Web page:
Re: [Amel Yacht Owners] Bilge / Sump pump
Bill, Thanks for your input, and see your point about fouling a submersible . I was thinking that as well and was only wondered out loud if anyone had tried it with success. We stopped by your boat during the show, your boat was open , but you weren't there. We were looking for Joel and the 54 he was showing, sorry we missed you.
Pat SM #123
From: Bill Kinney greatketch@... [amelyachtowners]
Sent: Tue, Oct 18, 2016 11:22 am
Subject: Re: [Amel Yacht Owners] Bilge / Sump pump
Using a submersible for routine service in the Amel bilge would NOT be a good idea. What we call our “bilge" really is not a bilge in the traditional sense of the word. It is actually a grey water sump. Submersible centrifugal pumps would foul and fail in very short order. Submersible pumps can also cause all kinds of stray current problems that you really don’t want to deal with the consequences of. This would be one of those changes from the original Amel design you should just say “No” to.
It is very hard to find a 24 volt pump that is as suited to this service as the original that Amel selected. If you can find one it would be best. Really.
But if you can’t, there are good options...
There are only a few kinds of pumps available that will work as a grey water discharge pump on an Amel. Diaphragm pumps (like the original); some kinds of piston pumps; and possibly some flexible impeller pumps.
I worry that a flexible impeller pump would have trouble with the self-priming at the depth of the well, so I hesitate to recommend them.
Diaphragm pumps are good at pumping “dirty water”, but you need one that is very well designed to work for very long. Most mass-market marine pumps of this sort are designed for very infrequent service as shower sump pumps, and they are even short lived at that. Amel's pump is first-rate and has a long lasting diaphragm and check valves. There are others, like the line of pumps made by Bosworth that that seem very well made, but I have no experience with, and can’t comment on longevity.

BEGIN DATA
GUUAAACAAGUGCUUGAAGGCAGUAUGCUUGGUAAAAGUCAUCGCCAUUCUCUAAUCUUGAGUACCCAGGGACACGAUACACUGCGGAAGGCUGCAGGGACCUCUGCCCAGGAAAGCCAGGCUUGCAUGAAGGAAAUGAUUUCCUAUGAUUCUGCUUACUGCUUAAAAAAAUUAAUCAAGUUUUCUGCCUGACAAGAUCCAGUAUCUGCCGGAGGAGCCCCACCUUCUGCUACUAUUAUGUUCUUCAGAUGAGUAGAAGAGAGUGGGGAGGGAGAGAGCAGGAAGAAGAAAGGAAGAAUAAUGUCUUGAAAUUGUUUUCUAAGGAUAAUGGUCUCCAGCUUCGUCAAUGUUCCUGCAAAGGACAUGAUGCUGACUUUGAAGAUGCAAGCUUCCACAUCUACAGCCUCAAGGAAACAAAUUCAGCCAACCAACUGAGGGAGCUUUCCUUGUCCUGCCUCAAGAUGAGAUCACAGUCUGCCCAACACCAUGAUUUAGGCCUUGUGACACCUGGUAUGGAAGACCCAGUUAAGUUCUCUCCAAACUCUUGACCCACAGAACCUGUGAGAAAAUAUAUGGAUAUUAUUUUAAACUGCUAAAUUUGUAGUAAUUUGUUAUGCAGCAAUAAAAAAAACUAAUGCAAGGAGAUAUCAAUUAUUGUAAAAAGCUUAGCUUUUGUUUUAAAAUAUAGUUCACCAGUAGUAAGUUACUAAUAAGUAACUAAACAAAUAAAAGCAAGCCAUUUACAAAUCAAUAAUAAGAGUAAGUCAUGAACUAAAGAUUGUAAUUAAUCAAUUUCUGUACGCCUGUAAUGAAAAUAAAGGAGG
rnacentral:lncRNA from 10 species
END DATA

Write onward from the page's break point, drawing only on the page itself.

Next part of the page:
One pump that would work well in this service is the T-series discharge pump by Sealand. They are robust, long lived, easy to care for, excellent at self-priming, no foot valve would be needed. This is a piston type pump, without the rubber diaphragm. Maintenance consists of changing check valves about every 6 months. These are made as raw sewage pumps. If a “chunk” can fit up the hose, they will pump it through. They can handle the “gunk”. BUT… the downside is they have lower capacity than the Amel original, and so will run longer on each discharge cycle.
Sealand also makes an “M” series pump of the same design, except with a bronze body that is much larger and has at least the capacity of the Amel original. Check hose sizes and space for this one to see if it is practical replacement.
I don’t have any interest in Sealand pumps, other than using one daily as a pump for un-macerated raw sewage for ten years with only routine maintenance. It just worked.
I have the good fortune that my boat came with a complete working spare of the original pump. Hopefully I can keep the original running for a long time yet.
SM #160, Harmonie
“Ships and men rot in port."